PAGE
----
Chip Neiman: True Leadership Doesn’t Spend Twice As Much As It Saves And Call It Fiscally Responsible

In a guest column, House Majority Floor Leader Chip Neiman writes: "First, I voted against the budget, and second, I voted to override the Speaker to pull the bill to prohibit the teaching of gender ideology and sexuality to young children out of the Speaker's drawer."

Clair McFarland

March 29, 20234 min read

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(Cowboy State Daily Staff)

CORRECTION: Neiman’s letter has been corrected at his own request, to reflect that he voted against the 2022 budget, though he voted in favor of many amendments to it.  

By Rep. Chip Neiman
Wyoming House Majority Floor Leader

After reading the March 18 column in Cowboy State Daily in which four members of House leadership gave their perspective on some of the happenings of the 2023 legislative session, I felt inclined to give my perspective. 

As Majority Floor Leader I also serve in leadership. I take my responsibility very seriously, and I was one of the 25 who voted against the “strong, fiscally conservative budget.” 

I have heard the saying that teamwork makes the dream work, and maybe that was part of the reason for a conversation informing me that as Majority Floor Leader, I did “two things you should never do in leadership.

First, I voted against the budget, and second, I voted to override the Speaker to pull the bill to prohibit the teaching of gender ideology and sexuality to young children out of the Speaker’s drawer.

I guess this was an effort to help me understand how to be an effective leader. I was told conservatives can’t govern and my votes were an example of a lack of leadership. 

I respectfully disagree. True leadership does not spend nearly twice as much as it saves and call it fiscally responsible. The $1.4 billion put into trust and reserve accounts should generate approximately $65 million in revenue from interest per year. That is awesome, and if we would have been able to put that away or use it to restore services, even better! 

But, we also in this budget added $112 million per year in ongoing spending. Put another way, we spent nearly twice as much as we created through investment. I apologize for not being a team player, but I can’t operate that way, and the taxpayers the column’s authors claim we tried to hurt can’t do business that way either.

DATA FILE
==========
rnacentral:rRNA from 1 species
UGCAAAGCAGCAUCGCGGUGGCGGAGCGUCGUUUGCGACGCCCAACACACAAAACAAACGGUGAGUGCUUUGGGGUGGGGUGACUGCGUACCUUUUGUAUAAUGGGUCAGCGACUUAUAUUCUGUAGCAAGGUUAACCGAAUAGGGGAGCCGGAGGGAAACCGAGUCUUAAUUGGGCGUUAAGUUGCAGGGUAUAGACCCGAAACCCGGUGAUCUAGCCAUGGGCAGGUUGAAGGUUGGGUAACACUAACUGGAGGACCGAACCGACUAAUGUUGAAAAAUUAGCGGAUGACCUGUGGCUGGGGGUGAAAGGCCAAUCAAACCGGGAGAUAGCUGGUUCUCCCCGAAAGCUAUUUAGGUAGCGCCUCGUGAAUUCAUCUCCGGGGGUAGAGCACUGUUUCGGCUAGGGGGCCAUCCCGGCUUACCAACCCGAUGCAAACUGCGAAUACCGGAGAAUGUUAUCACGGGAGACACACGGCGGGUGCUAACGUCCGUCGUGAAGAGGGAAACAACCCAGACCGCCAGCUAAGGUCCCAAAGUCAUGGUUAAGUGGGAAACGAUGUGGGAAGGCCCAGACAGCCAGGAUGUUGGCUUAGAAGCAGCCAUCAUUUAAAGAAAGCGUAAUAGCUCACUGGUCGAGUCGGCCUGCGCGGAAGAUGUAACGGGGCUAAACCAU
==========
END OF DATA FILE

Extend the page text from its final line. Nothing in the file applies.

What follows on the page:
To me that is not leadership. That is putting those folks’ futures at risk. 

Therefore I could not in good conscience vote for the budget.

In the column there was a point raised about our work on property taxes. While opportunities to apply for relief were passed making $8 million in refunds available to qualifying applicants, that was a small portion of the $507 million that came in from property owners in excessive taxes last year. 

Those dollars would be best used by the people and businesses they came from. Our budget gave no break to businesses, and we all know that businesses pass these increased costs on to the customers – the folks they say we were trying to hurt will pay the price eventually. How is that helping?

As a kid who grew up in Wyoming and had parents who grew up in Wyoming, who had parents who grew up here as well, I appreciate and am thankful for my Wyoming roots. My parents taught me to respect authority, serve and keep a weather eye on the future. 

That is why I voted with those 25 to pull the parental rights bill out of the Speaker’s drawer: because the folks I serve at home wanted that piece of legislation heard. They wanted the rights of parents to be respected and for true local control would be restored – in the parents. It saddens me that legislators are being called out for doing what the people that sent them there want. 

From my perspective I have worked diligently to be open, transparent, conservative and a patriot who loves Freedom and Liberty, all things that the column’s authors saw as lacking in my character. 

I love Wyoming solutions to Wyoming problems and will continue to work proactively– not reactively– in the legislature as the people back home allow me to. My great grandfather came here in a wagon that wasn’t built here. This might be seen as an out of state solution to a Wyoming problem. Not to me. 

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Clair McFarland

Crime and Courts Reporter